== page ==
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sprinkles08, ASE Certified Technician
Category: Car
Satisfied Customers: 23130
Experience:  ASE Master and Advanced level certified. Factory trained with 17 years dealership experience
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I have an Audi A3 automatic (60,000 miles), 2009. Recently

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I have an Audi A3 automatic (60,000 miles), 2009. Recently the car makes a deep humming noise which gets louder as I accelerate. The Audi service team say it's a faulty gear box and needs to be replaced? My questions are:
- what is the life expectancy on gear boxes?
- how much can this cost?
- is it possible to have such a major fault on a fairly new car?
- what are my options so I don't get ripped off?

Many thanks


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Customer: replied 4 years ago.
Happy to wait
Does the noise change at all when you swerve a little to the left and right?

Customer: replied 4 years ago.
Haven't noticed any noise changes. Seems to be a constant noise unless I accelerate / deccelerate and it's noticeable only from inside the vehicle, rather than a noise which can be heard from the outside (eg if it was an exhaust problem). Hope this helps.
Which engine do you have?

Do you have an automatic or manual transmission?

Customer: replied 4 years ago.
Do you know what engine you have?

Customer: replied 4 years ago.
I think 1.6 lt
To answer your questions in order,

Life expectancy of an automatic transmission is usually longer than what yours has lasted. Generally you would expect 150,000 miles or more before needing major repair or replacement. That's not always the case though and sometimes failures happen at low miles. I've seen some last upwards of 2-300,000 miles without needing major work and I've rebuilt some that had less than 20,000 miles.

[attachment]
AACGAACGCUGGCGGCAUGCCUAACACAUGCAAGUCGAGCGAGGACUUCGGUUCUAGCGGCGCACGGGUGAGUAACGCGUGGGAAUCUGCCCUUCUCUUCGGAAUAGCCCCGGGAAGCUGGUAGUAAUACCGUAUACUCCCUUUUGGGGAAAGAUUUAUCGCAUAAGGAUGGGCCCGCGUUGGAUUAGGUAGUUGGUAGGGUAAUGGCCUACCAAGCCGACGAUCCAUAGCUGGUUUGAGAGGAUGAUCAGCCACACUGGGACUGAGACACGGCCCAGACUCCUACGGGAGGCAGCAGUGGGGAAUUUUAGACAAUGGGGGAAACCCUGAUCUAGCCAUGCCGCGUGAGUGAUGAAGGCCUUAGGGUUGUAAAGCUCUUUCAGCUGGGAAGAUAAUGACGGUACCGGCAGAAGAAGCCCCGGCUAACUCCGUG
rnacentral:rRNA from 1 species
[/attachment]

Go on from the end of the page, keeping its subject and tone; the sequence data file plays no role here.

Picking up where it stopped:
Cost will vary depending on local labor and parts prices and how it's repaired.

Yes, it's definitely possible to have a transmission issue on a fairly new vehicle. It's unfortunate but does sometimes happen. In your case it sounds like a bearing in the final drive section of the trans has failed and isn't something that could have been prevented, it's just a failure of a part.

There are a few options to repair it and this ties in with the cost question from above. The whole trans can be replaced with a new one and this would be the most expensive option. I'm showing $6,200 for a new unit. The next step down in cost would be a remanufactured unit which is usually a couple thousand dollars less. A used transmission can also be installed as long as one can be found and this would be the cheapest option, probably 1/4 of the price of a brand new trans. The labor time to replace the trans calls for 8 hours.

Another option would be to remove and repair your transmission as long as all the parts are available, cost for this would be somewhere in between the used and remanufactured price and depends on how much is wrong when it's opened up. Labor time to go through the transmission calls for 14.5 hours.
Customer: replied 4 years ago.
Thank you for your answer. Can I continue driving?
You can probably continue driving for a while but the noise will get worse. If you're going to have the transmission replaced as a unit then continued driving isn't going to hurt anything that won't already be replaced. If you were going to have it rebuilt though continued driving could end up causing more damage to other components because of the spreading metal debris.
sprinkles08, ASE Certified Technician
Category: Car
Satisfied Customers: 23130
Experience: ASE Master and Advanced level certified. Factory trained with 17 years dealership experience
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